“Lord,” Ananias answered, “I have heard many reports about this man and all the harm he has done to your holy people in Jerusalem.
And he has come here with authority from the chief priests to arrest all who call on your name.”
But the Lord said to Ananias, “Go! This man is my chosen instrument to proclaim my name to the Gentiles and their kings and to the people of Israel.
I will show him how much he must suffer for my name.”
Then Ananias went to the house and entered it. Placing his hands on Saul, he said, “Brother Saul, the Lord—Jesus, who appeared to you on the road as you were coming here—has sent me so that you may see again and be filled with the Holy Spirit.”
Immediately, something like scales fell from Saul’s eyes, and he could see again. He got up and was baptized,
and after taking some food, he regained his strength. Saul spent several days with the disciples in Damascus.
At once he began to preach in the synagogues that Jesus is the Son of God.
All those who heard him were astonished and asked, “Isn’t he the man who raised havoc in Jerusalem among those who call on this name? And hasn’t he come here to take them as prisoners to the chief priests?”
Yet Saul grew more and more powerful and baffled the Jews living in Damascus by proving that Jesus is the Messiah.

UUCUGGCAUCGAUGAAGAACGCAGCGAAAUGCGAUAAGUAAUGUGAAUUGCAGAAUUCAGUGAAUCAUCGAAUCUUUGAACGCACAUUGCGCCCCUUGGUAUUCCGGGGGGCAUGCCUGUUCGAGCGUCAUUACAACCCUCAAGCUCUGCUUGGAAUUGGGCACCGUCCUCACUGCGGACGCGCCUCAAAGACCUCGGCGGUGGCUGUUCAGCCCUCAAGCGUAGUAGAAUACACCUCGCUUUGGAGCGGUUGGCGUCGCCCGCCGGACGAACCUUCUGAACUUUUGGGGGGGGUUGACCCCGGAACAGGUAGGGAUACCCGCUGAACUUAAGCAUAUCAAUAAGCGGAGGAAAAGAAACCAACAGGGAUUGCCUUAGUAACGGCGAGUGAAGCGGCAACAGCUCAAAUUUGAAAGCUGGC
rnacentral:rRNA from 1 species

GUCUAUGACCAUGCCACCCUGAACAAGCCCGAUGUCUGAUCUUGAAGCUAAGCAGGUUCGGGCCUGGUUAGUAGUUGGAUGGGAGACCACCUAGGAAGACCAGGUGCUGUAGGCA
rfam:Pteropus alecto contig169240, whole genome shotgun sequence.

After many days had gone by, there was a conspiracy among the Jews to kill him,
but Saul learned of their plan. Day and night they kept close watch on the city gates in order to kill him.
But his followers took him by night and lowered him in a basket through an opening in the wall.
When he came to Jerusalem, he tried to join the disciples, but they were all afraid of him, not believing that he really was a disciple.
But Barnabas took him and brought him to the apostles. He told them how Saul on his journey had seen the Lord and that the Lord had spoken to him, and how in Damascus he had preached fearlessly in the name of Jesus.
So Saul stayed with them and moved about freely in Jerusalem, speaking boldly in the name of the Lord.
He talked and debated with the Hellenistic Jews, but they tried to kill him.
When the believers learned of this, they took him down to Caesarea and sent him off to Tarsus.
Then the church throughout Judea, Galilee and Samaria enjoyed a time of peace and was strengthened. Living in the fear of the Lord and encouraged by the Holy Spirit, it increased in numbers.
As Peter traveled about the country, he went to visit the Lord’s people who lived in Lydda.
There he found a man named Aeneas, who was paralyzed and had been bedridden for eight years.
“Aeneas,” Peter said to him, “Jesus Christ heals you. Get up and roll up your mat.” Immediately Aeneas got up.
All those who lived in Lydda and Sharon saw him and turned to the Lord.
In Joppa there was a disciple named Tabitha (in Greek her name is Dorcas); she was always doing good and helping the poor.
About that time she became sick and died, and her body was washed and placed in an upstairs room.
Lydda was near Joppa; so when the disciples heard that Peter was in Lydda, they sent two men to him and urged him, “Please come at once!”